This is part three of a ten part series chronicling Paul’s Mission. It is told mostly in his own words using excerpts from his letters and photographs sent home.
The building I am in has fourteen apartments in it I think. We live in the basement. Out the window we look into a hill which ramps up to the car dealership behind which you can’t really see because the hill is steep and tall. The Hilltop english ward is the exact same chapel as the rock gardens with a different color scheme. Our apartment is in the Hilltop Bay View complex. These computers are really locked down tight! Sarah’s email has a little bit of news for Mom. Tell her to get well.
The Malara family has three more weeks until their baptismal date. We taught them a third discussion yesterday. The Dad is really neat because he somehow managed to learn everything correctly from the Bible and already knows all of the doctrine. Usually if you run into someone that knows the Bible they fight every point and nothing gets accomplished. He is working on changing around his work schedule so he can come to church.
[Sarah,] what is happening at your work? Mom said you were working full time. Have you moved out of the grunt work yet? How is your new computer working? School started didn’t it? What classes are you taking? Do you have one more year left after this one? Ok, talk to you later.
I am well. The apartment locks the packages in a closet and puts the key in your locked mail box. My indoor soccer shoes are in there right? Put in my allen wrenches, the two sets that fold up into a metal handle if you can find them. The missionary work is good. This past week we had a big party in the Centro de Estacas, I think it is called the Inter-Stake Center in English, where all of the Spanish wards and branches in the mission came. There was a lot of food and a dance after. It was good, the Malara family came and my Colombian bike racer friend came with his two teenagers that are not members.
Tomorrow, Tuesday, we are going back to the ISC (interstake center) to watch the BYU ballroom dancing company. The Malara family is coming again and hopefully William the Peruvian will come too. The Colombian former professional bike racer is fun. His name is Don Carlos Vargas, a recent convert and 50 years old. My companion and I went on a bike ride with him. 48 miles with a 7 mile uphill at the end to the top of a mountain. It was tiring. I couldn’t keep up with Don Carlos but I came in a couple of minutes behind him, the first missionary to ever make it up the mountain at the end. Our branch president, President Gomez, as well as another member named Walter are the only ones from Chile. There are not very many people here from the countries that are well off like Chile and Argentina. Most of the members are from Mexico and El Salvador.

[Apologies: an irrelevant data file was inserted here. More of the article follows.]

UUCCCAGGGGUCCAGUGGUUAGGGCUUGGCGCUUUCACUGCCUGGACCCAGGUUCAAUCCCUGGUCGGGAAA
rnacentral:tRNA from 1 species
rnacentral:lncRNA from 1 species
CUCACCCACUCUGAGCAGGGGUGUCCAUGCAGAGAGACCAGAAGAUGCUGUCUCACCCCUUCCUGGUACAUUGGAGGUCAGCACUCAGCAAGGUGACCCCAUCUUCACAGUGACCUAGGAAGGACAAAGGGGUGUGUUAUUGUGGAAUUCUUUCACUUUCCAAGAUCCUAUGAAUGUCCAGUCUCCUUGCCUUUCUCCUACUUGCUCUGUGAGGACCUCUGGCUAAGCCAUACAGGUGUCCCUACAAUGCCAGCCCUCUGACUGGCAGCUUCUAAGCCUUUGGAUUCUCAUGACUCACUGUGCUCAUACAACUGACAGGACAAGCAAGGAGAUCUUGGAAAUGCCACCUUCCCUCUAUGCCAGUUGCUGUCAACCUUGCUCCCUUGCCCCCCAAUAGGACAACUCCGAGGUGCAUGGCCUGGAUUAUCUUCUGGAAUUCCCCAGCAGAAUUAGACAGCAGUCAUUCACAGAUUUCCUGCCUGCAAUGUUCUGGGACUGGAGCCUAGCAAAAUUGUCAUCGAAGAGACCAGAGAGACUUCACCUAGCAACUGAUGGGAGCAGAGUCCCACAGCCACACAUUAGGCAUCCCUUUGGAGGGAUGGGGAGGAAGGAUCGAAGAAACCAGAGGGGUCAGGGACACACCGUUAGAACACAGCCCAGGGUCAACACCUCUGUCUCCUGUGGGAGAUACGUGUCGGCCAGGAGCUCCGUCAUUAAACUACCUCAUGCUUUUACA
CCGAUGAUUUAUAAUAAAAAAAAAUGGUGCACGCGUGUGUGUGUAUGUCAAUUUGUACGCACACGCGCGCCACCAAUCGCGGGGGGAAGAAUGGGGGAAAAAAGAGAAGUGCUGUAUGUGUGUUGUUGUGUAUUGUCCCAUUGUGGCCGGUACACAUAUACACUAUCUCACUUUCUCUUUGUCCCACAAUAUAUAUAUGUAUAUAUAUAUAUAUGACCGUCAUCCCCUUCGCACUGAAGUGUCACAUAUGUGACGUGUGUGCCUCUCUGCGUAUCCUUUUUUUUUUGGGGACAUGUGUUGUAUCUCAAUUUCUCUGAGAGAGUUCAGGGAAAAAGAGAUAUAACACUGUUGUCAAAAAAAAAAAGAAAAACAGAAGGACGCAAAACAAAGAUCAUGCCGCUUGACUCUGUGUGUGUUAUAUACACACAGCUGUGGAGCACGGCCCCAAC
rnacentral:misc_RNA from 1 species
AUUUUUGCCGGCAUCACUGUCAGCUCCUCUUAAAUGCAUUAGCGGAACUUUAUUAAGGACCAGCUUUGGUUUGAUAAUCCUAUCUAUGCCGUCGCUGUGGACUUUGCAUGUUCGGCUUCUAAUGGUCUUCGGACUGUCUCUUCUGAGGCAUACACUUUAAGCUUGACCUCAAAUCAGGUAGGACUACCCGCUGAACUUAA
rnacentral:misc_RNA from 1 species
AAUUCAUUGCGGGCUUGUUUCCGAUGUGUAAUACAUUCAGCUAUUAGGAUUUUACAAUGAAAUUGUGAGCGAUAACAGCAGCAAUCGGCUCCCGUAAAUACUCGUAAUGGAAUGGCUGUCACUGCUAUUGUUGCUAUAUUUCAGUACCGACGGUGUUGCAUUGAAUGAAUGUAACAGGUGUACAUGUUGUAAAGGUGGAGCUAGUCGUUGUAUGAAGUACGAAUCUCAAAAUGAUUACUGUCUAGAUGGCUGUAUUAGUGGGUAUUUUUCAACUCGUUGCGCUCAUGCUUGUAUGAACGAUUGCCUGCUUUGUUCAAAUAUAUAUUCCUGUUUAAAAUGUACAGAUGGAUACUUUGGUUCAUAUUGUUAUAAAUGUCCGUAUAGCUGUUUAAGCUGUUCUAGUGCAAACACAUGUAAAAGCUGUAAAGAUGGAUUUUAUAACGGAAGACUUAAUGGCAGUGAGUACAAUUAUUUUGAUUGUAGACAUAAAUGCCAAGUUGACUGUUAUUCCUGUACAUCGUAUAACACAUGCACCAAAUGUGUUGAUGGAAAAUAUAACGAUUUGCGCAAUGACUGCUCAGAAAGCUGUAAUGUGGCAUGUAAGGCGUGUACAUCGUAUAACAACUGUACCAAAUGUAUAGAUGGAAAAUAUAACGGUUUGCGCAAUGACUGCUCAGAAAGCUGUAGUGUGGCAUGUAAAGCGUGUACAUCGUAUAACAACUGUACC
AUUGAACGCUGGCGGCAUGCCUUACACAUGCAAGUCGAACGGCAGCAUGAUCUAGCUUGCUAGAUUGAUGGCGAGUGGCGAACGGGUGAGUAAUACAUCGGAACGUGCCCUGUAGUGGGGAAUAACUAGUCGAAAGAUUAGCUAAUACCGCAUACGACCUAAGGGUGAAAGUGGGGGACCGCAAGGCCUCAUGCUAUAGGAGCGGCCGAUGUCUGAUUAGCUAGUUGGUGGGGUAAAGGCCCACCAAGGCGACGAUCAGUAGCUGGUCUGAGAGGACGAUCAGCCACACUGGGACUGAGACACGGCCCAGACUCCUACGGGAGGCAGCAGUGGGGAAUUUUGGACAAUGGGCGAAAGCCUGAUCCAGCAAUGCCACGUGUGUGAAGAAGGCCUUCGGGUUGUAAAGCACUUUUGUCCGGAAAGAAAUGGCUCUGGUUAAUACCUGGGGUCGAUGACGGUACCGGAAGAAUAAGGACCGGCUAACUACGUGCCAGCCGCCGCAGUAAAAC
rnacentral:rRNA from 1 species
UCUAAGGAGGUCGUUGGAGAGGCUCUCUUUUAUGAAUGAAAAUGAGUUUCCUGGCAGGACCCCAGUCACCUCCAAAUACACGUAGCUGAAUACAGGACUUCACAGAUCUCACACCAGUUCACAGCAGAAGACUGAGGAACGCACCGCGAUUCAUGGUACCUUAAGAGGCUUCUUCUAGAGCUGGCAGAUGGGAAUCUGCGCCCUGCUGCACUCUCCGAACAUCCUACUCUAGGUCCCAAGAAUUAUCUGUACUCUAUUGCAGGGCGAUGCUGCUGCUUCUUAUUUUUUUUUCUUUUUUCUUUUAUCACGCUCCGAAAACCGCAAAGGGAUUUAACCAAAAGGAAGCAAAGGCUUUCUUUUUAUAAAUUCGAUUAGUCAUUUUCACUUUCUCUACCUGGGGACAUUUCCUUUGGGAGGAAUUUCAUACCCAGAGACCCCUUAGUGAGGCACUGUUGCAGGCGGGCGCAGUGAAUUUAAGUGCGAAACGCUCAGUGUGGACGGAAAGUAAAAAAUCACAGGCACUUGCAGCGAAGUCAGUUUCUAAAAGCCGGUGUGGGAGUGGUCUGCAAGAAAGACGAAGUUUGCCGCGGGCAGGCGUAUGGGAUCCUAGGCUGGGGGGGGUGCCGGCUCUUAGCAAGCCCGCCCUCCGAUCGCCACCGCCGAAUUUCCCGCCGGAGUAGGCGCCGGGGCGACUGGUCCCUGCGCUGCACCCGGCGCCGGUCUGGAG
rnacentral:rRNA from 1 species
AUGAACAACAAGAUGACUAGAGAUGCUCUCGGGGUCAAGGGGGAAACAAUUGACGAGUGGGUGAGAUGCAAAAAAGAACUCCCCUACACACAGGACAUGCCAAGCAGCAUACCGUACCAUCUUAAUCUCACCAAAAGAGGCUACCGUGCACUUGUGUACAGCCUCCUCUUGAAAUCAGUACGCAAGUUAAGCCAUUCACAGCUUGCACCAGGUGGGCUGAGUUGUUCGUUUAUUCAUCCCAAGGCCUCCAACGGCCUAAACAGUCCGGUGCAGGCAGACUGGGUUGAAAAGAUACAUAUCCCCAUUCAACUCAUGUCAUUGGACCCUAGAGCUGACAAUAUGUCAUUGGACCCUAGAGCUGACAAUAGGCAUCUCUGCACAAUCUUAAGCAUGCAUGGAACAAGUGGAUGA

It drizzled for a couple of days, not too much rain. For Christmas send me those laptop speakers that Steven has with a power adapter and will run them and the cd player. If someone has an old one that will be perfect. I think Daniel has one that he might want to sell. If not there is one here for 12 dollars, nothing fancy, it only has to play the Book of Mormon cds. Also if you can find the Hymns in Spanish that would be really neat.
I can usually understand people pretty well if I focus. Like this Spanish guy who is talking to his friend sitting next to me using the computer. When I read I understand a lot. I’m not too bad at reading out loud, however, I don’t speak very well. Those pictures sound interesting, how did your camera work out? It has been good. We are currently teaching the Malara family and committed all three of them to baptism yesterday. We are also teaching William, Miguel, Eduardo, Jarbaf and Ayuso. I buy a little bit of food like bread milk and cereal but we usually have dinner with a member so I don’t need much. There is a Food Max across the highway that is close. I usually buy my cereal, bread, and milk from Costco. You just missed the letter I sent to Jake C, I’ll have to him to go to YSA next time. I’ll write it in my planner.
This week it was a little cold in the chapel when we got there. I didn’t think much of it and went to Sunday school. A few minutes later my companion called me out and we went to the heater room. He says to me,
We’ve got to get the some heat in that chapel before everyone leaves. The chapel was 57 degrees. I tinkered with the thermostat computer for a while until I figured out that everything was good to go on that end. I felt the vents and they were cold. I felt the pipes going into the heater and they were cold as well. We followed the pipes into the boiler room and the temperature gauges read 60 degrees, no hot water. I tinkered with the boiler a bit and got the pump motor to start humming but not turning. I pulled out my pen and jammed in in the shaft to start it turning and it fires up. I cut the heat to the rest of the building and had the chapel up to 68 degrees before sacrament meeting. It was good.